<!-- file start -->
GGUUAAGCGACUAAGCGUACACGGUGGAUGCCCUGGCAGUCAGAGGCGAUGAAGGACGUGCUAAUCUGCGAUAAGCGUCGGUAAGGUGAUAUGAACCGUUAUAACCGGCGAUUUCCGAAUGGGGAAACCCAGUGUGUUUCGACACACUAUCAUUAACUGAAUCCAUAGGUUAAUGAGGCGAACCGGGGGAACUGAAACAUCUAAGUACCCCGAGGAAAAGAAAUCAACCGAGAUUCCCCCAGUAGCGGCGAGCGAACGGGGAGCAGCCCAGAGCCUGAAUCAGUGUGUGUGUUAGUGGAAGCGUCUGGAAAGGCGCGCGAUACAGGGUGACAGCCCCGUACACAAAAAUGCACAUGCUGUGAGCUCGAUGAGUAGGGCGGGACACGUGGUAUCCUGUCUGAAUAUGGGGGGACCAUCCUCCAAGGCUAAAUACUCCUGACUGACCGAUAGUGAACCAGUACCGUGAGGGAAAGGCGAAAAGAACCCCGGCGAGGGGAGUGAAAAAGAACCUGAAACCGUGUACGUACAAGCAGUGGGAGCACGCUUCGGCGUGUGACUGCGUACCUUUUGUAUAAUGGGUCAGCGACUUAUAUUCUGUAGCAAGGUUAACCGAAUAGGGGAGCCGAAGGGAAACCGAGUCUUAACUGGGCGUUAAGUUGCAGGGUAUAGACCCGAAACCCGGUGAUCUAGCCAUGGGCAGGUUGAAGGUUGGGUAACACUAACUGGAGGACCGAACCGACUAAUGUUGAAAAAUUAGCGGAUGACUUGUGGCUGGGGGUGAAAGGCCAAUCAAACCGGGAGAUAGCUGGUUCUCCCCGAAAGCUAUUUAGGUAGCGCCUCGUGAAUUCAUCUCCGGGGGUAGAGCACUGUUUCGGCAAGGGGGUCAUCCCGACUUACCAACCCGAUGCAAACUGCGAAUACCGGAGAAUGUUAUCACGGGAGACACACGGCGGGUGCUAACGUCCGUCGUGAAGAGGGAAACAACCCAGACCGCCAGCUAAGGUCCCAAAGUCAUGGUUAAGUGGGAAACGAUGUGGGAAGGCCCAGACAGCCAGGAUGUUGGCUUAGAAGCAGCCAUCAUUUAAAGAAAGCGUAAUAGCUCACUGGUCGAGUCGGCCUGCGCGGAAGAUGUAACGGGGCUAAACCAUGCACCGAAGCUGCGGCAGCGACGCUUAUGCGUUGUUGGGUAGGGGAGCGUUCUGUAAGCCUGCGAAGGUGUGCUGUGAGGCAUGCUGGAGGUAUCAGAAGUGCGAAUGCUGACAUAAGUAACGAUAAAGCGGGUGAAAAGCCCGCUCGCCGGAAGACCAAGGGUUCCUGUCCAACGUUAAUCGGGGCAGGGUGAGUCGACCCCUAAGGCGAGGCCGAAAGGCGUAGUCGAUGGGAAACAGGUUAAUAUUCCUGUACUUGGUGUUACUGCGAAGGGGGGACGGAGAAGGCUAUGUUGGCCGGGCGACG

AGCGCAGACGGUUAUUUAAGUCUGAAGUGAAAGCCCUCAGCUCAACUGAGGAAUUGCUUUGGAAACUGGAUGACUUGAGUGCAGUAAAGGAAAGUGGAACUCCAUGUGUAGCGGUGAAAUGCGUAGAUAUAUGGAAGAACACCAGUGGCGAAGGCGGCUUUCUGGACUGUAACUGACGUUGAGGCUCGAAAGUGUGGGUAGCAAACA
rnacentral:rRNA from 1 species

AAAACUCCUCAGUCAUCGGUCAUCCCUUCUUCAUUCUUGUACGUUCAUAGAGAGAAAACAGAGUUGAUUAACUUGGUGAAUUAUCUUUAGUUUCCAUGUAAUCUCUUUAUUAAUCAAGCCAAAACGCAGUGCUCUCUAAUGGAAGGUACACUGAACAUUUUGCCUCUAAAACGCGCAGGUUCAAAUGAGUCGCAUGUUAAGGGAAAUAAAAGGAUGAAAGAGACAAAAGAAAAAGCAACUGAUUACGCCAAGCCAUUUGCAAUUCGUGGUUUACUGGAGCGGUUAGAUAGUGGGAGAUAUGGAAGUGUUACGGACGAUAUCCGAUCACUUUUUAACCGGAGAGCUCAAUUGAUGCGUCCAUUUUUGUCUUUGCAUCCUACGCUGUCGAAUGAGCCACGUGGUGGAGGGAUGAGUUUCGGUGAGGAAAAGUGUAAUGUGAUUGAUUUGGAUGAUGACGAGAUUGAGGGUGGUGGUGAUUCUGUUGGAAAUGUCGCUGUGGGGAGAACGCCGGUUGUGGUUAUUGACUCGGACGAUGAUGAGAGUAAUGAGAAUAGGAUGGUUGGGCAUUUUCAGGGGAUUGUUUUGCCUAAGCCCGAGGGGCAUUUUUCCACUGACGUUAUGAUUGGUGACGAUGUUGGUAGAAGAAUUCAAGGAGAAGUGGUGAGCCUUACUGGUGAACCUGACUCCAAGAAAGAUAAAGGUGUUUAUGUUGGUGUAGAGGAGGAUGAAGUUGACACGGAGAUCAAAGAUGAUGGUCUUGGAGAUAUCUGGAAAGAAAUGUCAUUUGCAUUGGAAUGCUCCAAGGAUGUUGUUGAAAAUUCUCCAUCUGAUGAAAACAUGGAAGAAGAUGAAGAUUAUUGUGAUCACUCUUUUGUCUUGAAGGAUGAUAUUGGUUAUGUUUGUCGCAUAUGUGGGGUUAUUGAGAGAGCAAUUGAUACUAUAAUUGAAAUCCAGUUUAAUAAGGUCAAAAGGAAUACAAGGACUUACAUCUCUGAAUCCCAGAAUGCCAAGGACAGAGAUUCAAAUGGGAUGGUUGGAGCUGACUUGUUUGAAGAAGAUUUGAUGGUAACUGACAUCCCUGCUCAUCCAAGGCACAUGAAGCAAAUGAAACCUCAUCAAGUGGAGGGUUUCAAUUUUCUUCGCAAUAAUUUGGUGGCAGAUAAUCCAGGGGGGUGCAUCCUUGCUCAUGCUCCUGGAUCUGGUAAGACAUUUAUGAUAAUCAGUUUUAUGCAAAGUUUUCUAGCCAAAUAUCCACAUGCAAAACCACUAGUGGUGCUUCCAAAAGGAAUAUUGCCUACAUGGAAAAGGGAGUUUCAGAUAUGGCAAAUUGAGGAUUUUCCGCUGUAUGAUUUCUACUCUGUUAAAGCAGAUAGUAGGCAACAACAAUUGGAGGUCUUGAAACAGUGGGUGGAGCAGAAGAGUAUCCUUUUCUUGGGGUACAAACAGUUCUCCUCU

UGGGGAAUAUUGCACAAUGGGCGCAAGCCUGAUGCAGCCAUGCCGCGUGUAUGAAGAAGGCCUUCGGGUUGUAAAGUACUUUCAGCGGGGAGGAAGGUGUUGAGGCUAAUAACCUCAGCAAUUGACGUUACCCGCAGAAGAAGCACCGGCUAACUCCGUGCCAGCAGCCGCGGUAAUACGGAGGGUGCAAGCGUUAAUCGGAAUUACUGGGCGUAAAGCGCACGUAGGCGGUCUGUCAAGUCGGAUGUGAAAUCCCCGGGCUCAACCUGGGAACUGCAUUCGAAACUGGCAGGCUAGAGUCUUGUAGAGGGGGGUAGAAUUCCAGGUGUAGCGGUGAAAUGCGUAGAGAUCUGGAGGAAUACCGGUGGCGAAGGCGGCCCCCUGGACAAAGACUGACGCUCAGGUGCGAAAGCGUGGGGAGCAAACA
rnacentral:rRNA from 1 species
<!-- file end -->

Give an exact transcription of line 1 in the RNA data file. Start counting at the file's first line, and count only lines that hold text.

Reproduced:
GGUUAAGCGACUAAGCGUACACGGUGGAUGCCCUGGCAGUCAGAGGCGAUGAAGGACGUGCUAAUCUGCGAUAAGCGUCGGUAAGGUGAUAUGAACCGUUAUAACCGGCGAUUUCCGAAUGGGGAAACCCAGUGUGUUUCGACACACUAUCAUUAACUGAAUCCAUAGGUUAAUGAGGCGAACCGGGGGAACUGAAACAUCUAAGUACCCCGAGGAAAAGAAAUCAACCGAGAUUCCCCCAGUAGCGGCGAGCGAACGGGGAGCAGCCCAGAGCCUGAAUCAGUGUGUGUGUUAGUGGAAGCGUCUGGAAAGGCGCGCGAUACAGGGUGACAGCCCCGUACACAAAAAUGCACAUGCUGUGAGCUCGAUGAGUAGGGCGGGACACGUGGUAUCCUGUCUGAAUAUGGGGGGACCAUCCUCCAAGGCUAAAUACUCCUGACUGACCGAUAGUGAACCAGUACCGUGAGGGAAAGGCGAAAAGAACCCCGGCGAGGGGAGUGAAAAAGAACCUGAAACCGUGUACGUACAAGCAGUGGGAGCACGCUUCGGCGUGUGACUGCGUACCUUUUGUAUAAUGGGUCAGCGACUUAUAUUCUGUAGCAAGGUUAACCGAAUAGGGGAGCCGAAGGGAAACCGAGUCUUAACUGGGCGUUAAGUUGCAGGGUAUAGACCCGAAACCCGGUGAUCUAGCCAUGGGCAGGUUGAAGGUUGGGUAACACUAACUGGAGGACCGAACCGACUAAUGUUGAAAAAUUAGCGGAUGACUUGUGGCUGGGGGUGAAAGGCCAAUCAAACCGGGAGAUAGCUGGUUCUCCCCGAAAGCUAUUUAGGUAGCGCCUCGUGAAUUCAUCUCCGGGGGUAGAGCACUGUUUCGGCAAGGGGGUCAUCCCGACUUACCAACCCGAUGCAAACUGCGAAUACCGGAGAAUGUUAUCACGGGAGACACACGGCGGGUGCUAACGUCCGUCGUGAAGAGGGAAACAACCCAGACCGCCAGCUAAGGUCCCAAAGUCAUGGUUAAGUGGGAAACGAUGUGGGAAGGCCCAGACAGCCAGGAUGUUGGCUUAGAAGCAGCCAUCAUUUAAAGAAAGCGUAAUAGCUCACUGGUCGAGUCGGCCUGCGCGGAAGAUGUAACGGGGCUAAACCAUGCACCGAAGCUGCGGCAGCGACGCUUAUGCGUUGUUGGGUAGGGGAGCGUUCUGUAAGCCUGCGAAGGUGUGCUGUGAGGCAUGCUGGAGGUAUCAGAAGUGCGAAUGCUGACAUAAGUAACGAUAAAGCGGGUGAAAAGCCCGCUCGCCGGAAGACCAAGGGUUCCUGUCCAACGUUAAUCGGGGCAGGGUGAGUCGACCCCUAAGGCGAGGCCGAAAGGCGUAGUCGAUGGGAAACAGGUUAAUAUUCCUGUACUUGGUGUUACUGCGAAGGGGGGACGGAGAAGGCUAUGUUGGCCGGGCGACG